For all of Bottin and Carpenter’s efforts, The Thing did a box-office face-plant on release, having the misfortune of debuting on the same weekend as E.T.—outgrossed by an alien with a beer gut who flew a bicycle into the face of a full moon. (Kurt Russell and E.T. both drank Coors.) But unlike E.T., the Thing deserves its own diorama among the frozen animal impressionists at the American Museum of Natural History. Right next to the snow wolves. As Bachelard once wrote, nature went mad long before man did. Just consult your local lobster guts: in Reverend Thomas R. R. Stebbing’s History of Crustacea (1893), an illustration of a lobster’s stomach “opened up to show the teeth, the central one of which has been supplied with eyes, nose and mouth to represent the lady in the chair.”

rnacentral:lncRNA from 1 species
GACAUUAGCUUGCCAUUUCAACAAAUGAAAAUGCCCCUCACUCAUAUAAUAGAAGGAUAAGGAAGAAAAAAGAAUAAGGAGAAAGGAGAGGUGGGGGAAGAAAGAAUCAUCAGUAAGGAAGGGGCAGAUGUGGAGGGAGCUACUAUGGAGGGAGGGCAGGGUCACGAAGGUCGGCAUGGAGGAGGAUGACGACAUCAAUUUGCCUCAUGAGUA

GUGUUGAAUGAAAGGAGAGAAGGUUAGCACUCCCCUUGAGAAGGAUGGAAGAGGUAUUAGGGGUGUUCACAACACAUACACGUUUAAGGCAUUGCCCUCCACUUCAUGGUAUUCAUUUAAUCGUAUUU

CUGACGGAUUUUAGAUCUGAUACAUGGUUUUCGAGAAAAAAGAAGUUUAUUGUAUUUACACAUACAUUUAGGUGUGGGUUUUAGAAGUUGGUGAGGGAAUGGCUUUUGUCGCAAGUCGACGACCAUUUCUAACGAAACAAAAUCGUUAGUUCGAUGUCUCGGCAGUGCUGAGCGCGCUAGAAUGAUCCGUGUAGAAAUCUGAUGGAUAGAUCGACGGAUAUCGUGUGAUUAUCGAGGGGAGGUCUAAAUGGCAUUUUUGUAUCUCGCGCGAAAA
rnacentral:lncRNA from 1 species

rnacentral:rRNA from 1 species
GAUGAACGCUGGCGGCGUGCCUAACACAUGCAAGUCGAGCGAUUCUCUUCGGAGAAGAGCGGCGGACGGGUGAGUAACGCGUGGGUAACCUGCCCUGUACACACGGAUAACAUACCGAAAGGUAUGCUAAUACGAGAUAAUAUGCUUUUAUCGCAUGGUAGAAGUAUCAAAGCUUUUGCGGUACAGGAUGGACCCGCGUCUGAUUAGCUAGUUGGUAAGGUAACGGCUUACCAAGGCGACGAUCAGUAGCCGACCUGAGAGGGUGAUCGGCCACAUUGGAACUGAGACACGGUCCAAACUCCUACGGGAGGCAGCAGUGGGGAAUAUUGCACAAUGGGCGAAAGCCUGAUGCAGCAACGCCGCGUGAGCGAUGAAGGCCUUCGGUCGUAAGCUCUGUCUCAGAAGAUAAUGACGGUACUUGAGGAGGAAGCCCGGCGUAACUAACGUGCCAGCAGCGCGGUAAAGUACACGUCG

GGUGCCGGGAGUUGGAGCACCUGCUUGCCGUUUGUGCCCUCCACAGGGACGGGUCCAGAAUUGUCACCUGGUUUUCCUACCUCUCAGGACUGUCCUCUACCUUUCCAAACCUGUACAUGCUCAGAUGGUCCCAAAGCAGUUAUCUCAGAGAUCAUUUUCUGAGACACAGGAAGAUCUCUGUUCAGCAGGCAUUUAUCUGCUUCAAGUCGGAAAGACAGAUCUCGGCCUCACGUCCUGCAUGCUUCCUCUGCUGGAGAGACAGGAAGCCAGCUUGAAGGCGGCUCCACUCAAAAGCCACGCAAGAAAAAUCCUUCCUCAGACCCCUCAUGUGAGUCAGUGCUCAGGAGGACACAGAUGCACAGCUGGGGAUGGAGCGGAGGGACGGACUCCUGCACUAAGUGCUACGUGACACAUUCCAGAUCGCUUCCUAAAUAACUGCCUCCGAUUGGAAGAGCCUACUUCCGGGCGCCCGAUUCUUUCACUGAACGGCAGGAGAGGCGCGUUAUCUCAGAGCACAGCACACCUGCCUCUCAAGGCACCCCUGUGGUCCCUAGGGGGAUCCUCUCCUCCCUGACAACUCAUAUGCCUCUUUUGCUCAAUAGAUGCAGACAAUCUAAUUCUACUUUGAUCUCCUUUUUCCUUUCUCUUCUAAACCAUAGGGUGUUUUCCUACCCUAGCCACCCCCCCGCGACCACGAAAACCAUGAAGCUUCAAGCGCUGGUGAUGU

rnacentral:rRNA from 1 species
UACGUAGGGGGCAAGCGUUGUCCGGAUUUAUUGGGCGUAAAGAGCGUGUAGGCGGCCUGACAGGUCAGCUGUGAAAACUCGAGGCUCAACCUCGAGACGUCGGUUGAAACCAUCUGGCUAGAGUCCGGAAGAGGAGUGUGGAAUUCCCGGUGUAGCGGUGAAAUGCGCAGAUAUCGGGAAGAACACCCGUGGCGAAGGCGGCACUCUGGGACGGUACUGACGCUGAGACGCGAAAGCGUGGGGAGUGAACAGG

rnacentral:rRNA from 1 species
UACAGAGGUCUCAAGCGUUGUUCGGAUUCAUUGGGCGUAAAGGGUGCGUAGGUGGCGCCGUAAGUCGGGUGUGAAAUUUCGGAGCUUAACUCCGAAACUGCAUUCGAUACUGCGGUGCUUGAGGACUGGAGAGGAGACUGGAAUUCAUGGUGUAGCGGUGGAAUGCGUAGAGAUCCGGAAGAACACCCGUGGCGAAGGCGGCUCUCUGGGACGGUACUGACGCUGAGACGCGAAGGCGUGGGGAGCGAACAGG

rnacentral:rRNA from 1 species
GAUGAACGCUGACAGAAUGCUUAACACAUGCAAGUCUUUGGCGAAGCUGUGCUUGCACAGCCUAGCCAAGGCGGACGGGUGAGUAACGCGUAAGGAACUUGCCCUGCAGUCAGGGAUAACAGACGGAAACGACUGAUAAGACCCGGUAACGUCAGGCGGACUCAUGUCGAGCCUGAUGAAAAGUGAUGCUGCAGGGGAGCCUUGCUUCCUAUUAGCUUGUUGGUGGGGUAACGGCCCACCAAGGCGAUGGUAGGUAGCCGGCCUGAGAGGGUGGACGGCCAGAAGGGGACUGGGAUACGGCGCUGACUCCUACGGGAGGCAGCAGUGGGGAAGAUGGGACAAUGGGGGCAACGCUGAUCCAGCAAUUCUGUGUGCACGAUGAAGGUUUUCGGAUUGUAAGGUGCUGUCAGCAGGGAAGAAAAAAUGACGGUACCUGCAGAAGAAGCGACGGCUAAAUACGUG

Despite The Thing’s reputable excess—having been revived in a decade not known for its restraint—the idea of vodka-infused Wilford Brimley–Thing assembling a UFO out of helicopter scrap (in an expertly carved ice tunnel, no less) is allowed to play out in our heads. At the BAM screening, I gauged the audience during the infamous scene where the geologist’s disembodied head sprouts spider legs and gets torched by a flamethrower for its trouble. One kid over from me, maybe thirteen, just shook his head. Big whoop. Not even a chuckle for the Lash LaRue bullwhip tongue. But did he catch a glimpse of Brimley dragging someone along the floor by his face? (Watching Brimley work the film’s Not-It nerves is a real pleasure.) The biggest crowd response was saved for a more human act near the end—Kurt Russell’s stunt double executing a dive roll when the Thing, in an uncharacteristically boneheaded move, grabs the dynamite plunger.